Here is a guest post from Graham Truscott (see right, he’s the one in the middle…).
Transition Training and Consulting has been very busy lately. This is the (strictly not-for-profit) part of the Transition Network specifically designed to engage businesses and organisations in the process of transition. Businesses of all sizes have significant influence on our communities, and are themselves communities that need to be engaged if the wider economic and social transition is to be successful.
Members of the TTandC team are currently working with ten transition initiatives in a pilot project known as REconomy which will identify and spread best practice in engaging existing businesses and stimulating the start up of new social enterprises, so both can thrive and prosper in low-carbon, re-localised markets. REconomy is also looking to develop an understanding of what a ‘Transition local economy’ may look like. A survey will shortly be published to solicit your input to help inform our work, all of which will be openly shared.
TTandC has already developed services that help existing businesses appreciate and explore the economic, social and environmental paradigms emerging in the low-carbon, high-energy/resource cost world. These include an Energy Resilience Assessment tool which identifies specific vulnerabilities, and points to possible changes to a business model. To help this tool reach more organisations, TTandC practitioners warmly welcome introductions to businesses from Transition groups or individuals.
In addition, this month TTandC has been training (and also learning from) new Energy Resilience Assessment practitioners in the Basque Country of Spain who are associated with the Mondragon group of coops. This is building on a visit by Pete Lipman and Ben Brangwyn last July, who are still spoken of with utter awe and admiration for having cycled there!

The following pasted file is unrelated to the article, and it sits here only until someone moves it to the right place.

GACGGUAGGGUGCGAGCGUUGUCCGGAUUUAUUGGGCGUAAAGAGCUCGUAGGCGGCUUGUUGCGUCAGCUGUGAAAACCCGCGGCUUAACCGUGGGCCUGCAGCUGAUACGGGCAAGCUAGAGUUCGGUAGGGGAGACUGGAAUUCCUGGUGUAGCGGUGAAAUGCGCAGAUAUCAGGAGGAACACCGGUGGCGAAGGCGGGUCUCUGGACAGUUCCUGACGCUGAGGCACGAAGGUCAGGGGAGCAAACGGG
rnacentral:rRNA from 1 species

Mondragon coops (more than 100 of them in the group) form 8% of the Basque economy and up to 15% of the economy in the town of Mondragon. More than 50,000 are employed in the group coops with another 35,000 or so in other coops. The town of Mondragon was named after a myth similar to the St George and the dragon story. The difference is that in the Basque story, the dragon is killed not by one man, but by the collective action of the community. Very appropriate for the coop name – though the coop actually took the name because the first of today’s cooperatives just happened to be set up in that town!
Graham Truscott, who led the TTandC training session at Mondragon University, commented, “I’m not sure who has learned more – the new Basque ERA practitioners, or me on behalf of the REconomy project. It has been humbling to see what has been achieved here with social enterprises over more than half a century – a level of experience to be very proud of. If some of our approaches can help them dynamically reinterpret their coop concept to tackle the big challenges of the 21st century with optimism and vision, that’s fantastic for everyone. It has been a privilege to share the ERA tool with Larraitz, Mikel, Inigo and Virginia and we all look forward to further working and learning together.”
To find out more about Mondragon, read on…
The first modern coops were formed 50 years ago, largely at the instigation of a local priest, Jose Maria Arizmendiarrieta, who was seeking to alleviate post-war poverty in the region and to preserve Basque culture. The coops were set up with a strong social, educational and cultural emphasis: there was little environmental perspective at that time, but the intention was to create a coop to address any need that was identified. Coops were established in a large variety of enterprise sectors and included educational institutions in the Basque language (not related to any other in the world). Education was and is seen as a continuous and total process, not just for the benefit of the individual but also to enhance the community’s capability. Recent examples of this have been special courses and training to increase the number of Basque-speaking teachers and engineers.